Based on total dollars paid over time, the value of the payments can appear to be much higher than the highest settlement figure sought by the plaintiff. However, these periodic payment amounts must be discounted to present value, which is a fairly straightforward process.
Plaintiffs; attorneys can then “reality test” their value estimate by seeking to obtain a quote for the annuity from an issuer. The analysis process, while straightforward, is complex and typically requires the expertise of an economist.
While plaintiffs and defendants may not be able to agree on a compromise lump sum payment, the difference in the perceived value of the structured settlement, due primarily to the tax-free status of such payments, is one major reason it serves well to for the common ground in settlement negotiations, even when the costs are known to both sides.
There are other reasons for which structured settlements are more advantageous than the alternative of an identical lump sum award. These are discussed below.
The Nature of Structured Settlements
A structured settlement is one in which payment of part of the settlement amount is deferred beyond settlement day. Hence the settlement calls for periodic, or structured, payments.
The variety of structures is virtually infinite since payments are usually geared to take into account the particular cash flow needs of the recipient.
In most structures, a significant portion of the total funds is pain on the settlement day, and periodic amounts (usually monthly or annually) are paid throughout the balance of the life of the recipient. The periodic payments are usually constant but may grow over time.
However, actual indexing for inflation is rare. Additional lump sums are often scheduled at certain intervals in future years. The periodic payments are typically guaranteed for a minimum number of years, at little incremental expense given the relevant life expectancy tables.
While this section discusses periodic payments principally in the context of personal injury litigation, structured settlements can be used in a variety of settings that seek to obtain the advantage of deferral of payments, including the buyout of business partners, the dissolution of a marriage, contributions to charities, etc.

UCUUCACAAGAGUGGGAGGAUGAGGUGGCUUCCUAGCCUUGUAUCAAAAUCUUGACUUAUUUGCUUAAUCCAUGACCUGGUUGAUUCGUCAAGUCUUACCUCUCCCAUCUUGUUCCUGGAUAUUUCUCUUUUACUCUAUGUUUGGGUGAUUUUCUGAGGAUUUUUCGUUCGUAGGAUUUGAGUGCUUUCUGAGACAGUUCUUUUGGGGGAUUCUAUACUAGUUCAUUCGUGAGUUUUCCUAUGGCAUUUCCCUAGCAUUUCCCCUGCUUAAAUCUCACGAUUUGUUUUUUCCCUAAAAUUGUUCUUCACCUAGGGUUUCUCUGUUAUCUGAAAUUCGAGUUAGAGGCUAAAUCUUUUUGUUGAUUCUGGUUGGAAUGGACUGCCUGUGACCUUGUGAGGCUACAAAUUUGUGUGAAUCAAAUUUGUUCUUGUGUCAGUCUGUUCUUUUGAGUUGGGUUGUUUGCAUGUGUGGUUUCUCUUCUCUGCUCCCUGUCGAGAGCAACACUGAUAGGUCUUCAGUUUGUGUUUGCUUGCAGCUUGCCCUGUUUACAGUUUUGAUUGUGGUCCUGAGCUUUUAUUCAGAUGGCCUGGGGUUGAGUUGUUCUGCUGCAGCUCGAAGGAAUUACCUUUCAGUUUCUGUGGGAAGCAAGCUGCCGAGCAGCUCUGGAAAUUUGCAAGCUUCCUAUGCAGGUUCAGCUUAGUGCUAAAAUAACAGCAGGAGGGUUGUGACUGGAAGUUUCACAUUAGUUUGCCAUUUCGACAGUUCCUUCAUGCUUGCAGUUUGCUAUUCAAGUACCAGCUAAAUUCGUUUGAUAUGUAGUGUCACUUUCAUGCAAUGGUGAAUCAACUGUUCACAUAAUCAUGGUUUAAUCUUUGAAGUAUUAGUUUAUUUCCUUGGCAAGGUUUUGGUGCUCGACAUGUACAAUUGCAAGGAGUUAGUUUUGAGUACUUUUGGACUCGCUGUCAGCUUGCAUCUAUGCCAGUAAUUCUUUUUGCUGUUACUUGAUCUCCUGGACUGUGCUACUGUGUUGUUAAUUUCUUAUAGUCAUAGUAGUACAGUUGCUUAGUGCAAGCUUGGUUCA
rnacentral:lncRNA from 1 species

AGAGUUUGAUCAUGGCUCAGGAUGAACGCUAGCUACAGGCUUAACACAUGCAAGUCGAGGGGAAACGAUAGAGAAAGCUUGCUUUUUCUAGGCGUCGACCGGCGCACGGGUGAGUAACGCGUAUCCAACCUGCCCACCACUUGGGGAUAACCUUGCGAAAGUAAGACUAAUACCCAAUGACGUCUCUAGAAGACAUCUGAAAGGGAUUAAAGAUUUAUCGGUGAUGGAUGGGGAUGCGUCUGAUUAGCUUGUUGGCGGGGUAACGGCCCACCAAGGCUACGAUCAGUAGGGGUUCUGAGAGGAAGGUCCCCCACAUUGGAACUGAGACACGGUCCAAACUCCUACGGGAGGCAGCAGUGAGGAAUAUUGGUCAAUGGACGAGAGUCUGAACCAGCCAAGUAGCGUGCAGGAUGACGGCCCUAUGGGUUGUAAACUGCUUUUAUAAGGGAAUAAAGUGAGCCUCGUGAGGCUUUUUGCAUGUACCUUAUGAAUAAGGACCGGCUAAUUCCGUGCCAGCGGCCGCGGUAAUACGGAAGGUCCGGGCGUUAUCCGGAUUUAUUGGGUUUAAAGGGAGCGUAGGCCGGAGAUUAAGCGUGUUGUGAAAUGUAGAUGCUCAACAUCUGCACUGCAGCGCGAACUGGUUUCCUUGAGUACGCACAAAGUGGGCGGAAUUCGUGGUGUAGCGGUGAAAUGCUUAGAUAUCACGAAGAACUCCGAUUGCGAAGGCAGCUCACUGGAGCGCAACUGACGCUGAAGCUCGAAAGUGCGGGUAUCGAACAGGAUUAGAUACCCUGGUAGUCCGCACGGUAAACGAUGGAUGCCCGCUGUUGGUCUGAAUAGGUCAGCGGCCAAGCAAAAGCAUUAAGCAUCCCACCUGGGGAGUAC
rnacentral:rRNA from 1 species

Allocation of lump-sum awards and structured payments can significantly affect the taxes paid by the plaintiff, defendant, insurers, and the plaintiff’s attorney. The governing tax laws are complex and subject to change and various interpretations.
The following is only a commentary on certain possible tax considerations. It is NOT a substitute for tax counsel from experts in taxation. Given the complexity of the tax code, it is IMPERATIVE to seek advice and interpretation from such experts to assure proper conformity to applicable laws, regulations, and revenue rulings, and to obtain the best possible tax advantage.
Payments for personal injuries or sickness and certain other claims for workers’ compensation and other statutory matters are generally free from federal taxes under Internal Revenue Code Section 104(a) (26 U.S.C. §104[a]). This exclusion does not require the filing of a lawsuit.
Payments for contractual injuries, injuries to business reputation and certain other types of claims, however, are generally taxed. Awards are also generally taxable to the extent of reimbursement for deducted medical expenses in the past. Future medical expenses incurred may be deductible only to the extent that they exceed the award for such expenses.
In the past, the IRS distinguished between compensatory and punitive damages, holding punitive damages taxable, although Section 104 does not distinguish between the two types of damages. The tax-exempt status and future deductibility of punitive damages is, at the moment, uncertain.
In general (and within reason), it is desirable for tax purposes to allocate as little as possible to medical expenses, punitive damages, and injury to business reputation.
Conversely, it is desirable to allocate as much of the award as possible to lost income, pain and suffering, emotional harm, and to business property with sufficient remaining eligible basis to offset the award.
Plaintiffs and their expert tax counsel should also examine state laws when deciding upon such allocations. While these allocations are not binding on the Internal Revenue Service (IRS), courts will look to the reasonable nature of such allocations in determining whether they are fair and proper.
Regarding future periodic payments arising from structured settlements, Revenue Ruling 79-220, 1079-2 C.B. 74, authorizes plaintiffs to excluded from their reported income on federal tax returns receipt of payments that are prefunded with an annuity — so long as the transaction is properly configured.
This can represent a distinct advantage since the interest earned on a single lump sum award may otherwise be taxable to the plaintiff unless most of the payments were later offset by tax-deductible future medical expenses, for example.
The existence of tax-free, high-grade securities reduces the size of the tax advantage to some degree, depending upon the actual future tax bracket of the plaintiff and the rate of return on the bonds, but the advantage still remains significant. The tax-free advantage of structured settlements (as opposed to the taxable nature of the interest earned on a lump sum award), is a principal reason this vehicle is desired by plaintiffs and their attorneys.